Laid back in Pokhara

It’s safe to say that my current lifestyle isn’t the most stressful. Just to clarify: I do work and it’s usually five days a week. I just don’t work too much.

Pokhara lends itself to a more relaxed attitude. Traffic on the main road is never dense and pedestrians’ walking speed by the lake is seldom more than a stroll.


They serve some really nice coffee here and usually I go for that in the morning. Either straight out of bed or after a first round of work.

The café is close to the lake and on the first floor. Which means that while sipping on that double-shot, I can watch life happening on and by the lake and in the distance see paragliders coming down from Sarankot.


I like that about my lifestyle. I can see all this beauty, enjoy it at my own pace without having to worry about my vacation coming to an end. I live where others go on vacation. Freelancing AND location independence is a pretty cool combination.

Today a fellow guest from the hotel was leaving. Czech guy my age, had spent the last five weeks relaxing by the lake and playing online poker. He’s only started with the latter, doesn’t yet know the world of hurt he’s about to enter on the higher levels.


For the goodbye, a few of us had gathered at the Beatles cafe (named after their commonly played tunes) for a couple of cold ones last night.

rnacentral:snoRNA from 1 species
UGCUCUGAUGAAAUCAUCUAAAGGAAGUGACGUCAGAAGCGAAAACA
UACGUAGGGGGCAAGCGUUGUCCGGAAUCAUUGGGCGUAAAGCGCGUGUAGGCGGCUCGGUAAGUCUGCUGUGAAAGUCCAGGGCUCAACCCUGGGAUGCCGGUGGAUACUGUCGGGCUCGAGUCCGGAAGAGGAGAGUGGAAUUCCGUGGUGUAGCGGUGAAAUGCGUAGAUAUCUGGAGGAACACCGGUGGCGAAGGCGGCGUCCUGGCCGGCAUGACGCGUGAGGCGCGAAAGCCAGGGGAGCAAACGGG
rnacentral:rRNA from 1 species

Notable other guests were a borderline alcoholic pediatric nurse from Oslo who travels 4-5 months each year, and a Dutch guy, 22 years of age, who already reflects on how the worlds’ cultural differences influence peoples happiness.

Him mentioning how extended travelling, seeing so much, experiencing so much, had changed him and made it more difficult to connect with those back home, struck a chord with me.

It’s another thing I like about my lifestyle. The people I meet and converse with. Quite frankly after having kids beg me for food leftovers and being five minutes down the road from where soldiers executed civilians in the street, I’m not excited by discussions about sports or gadgets any more. But I might be repeating myself on that.

Travellers, those who spend extended time in foreign countries, have a tendency to see the world through different eyes. We all come from the same western world, otherwise we simply wouldn’t be able to afford our travels (or get the visas so easily). But the time spent in these foreign countries is an opportunity to reflect on whether our way of life is really the best, or even a good one. And it’s refreshing and educating to talk to people who have a similar amount of experience under their belts.

We leave the bar for a while to grab dinner at a Nepali restaurant around the corner. Food is another thing I like about my current lifestyle. It’s good, it’s fresh, it’s cheap and it’s readily available. I value good food and when I cook or go out in Germany, I do what I can to end up with quality food on my plate. I’m not easily impressed by food. But what I get here, all the time, it’s baffling.

Back at the bar, the chats continue. At one point a fisherman drops by and announces his catch for sale. Some of the fish are still alive – doesn’t get much fresher. I pass but others go for it and ask the staff to fry up their purchase in the bar’s kitchen.


This morning I started the day with some work and wrapped it up before lunch time. With garlic naan (fresh from the tandoori) and a vegetable curry in my belly I went for a 2.5h stroll up to the Peace Pagoda. Nice view with the Annapurna range in the background. I like that about my lifestyle.


Begin typing your search term above and press enter to search. Press ESC to cancel.

Back To Top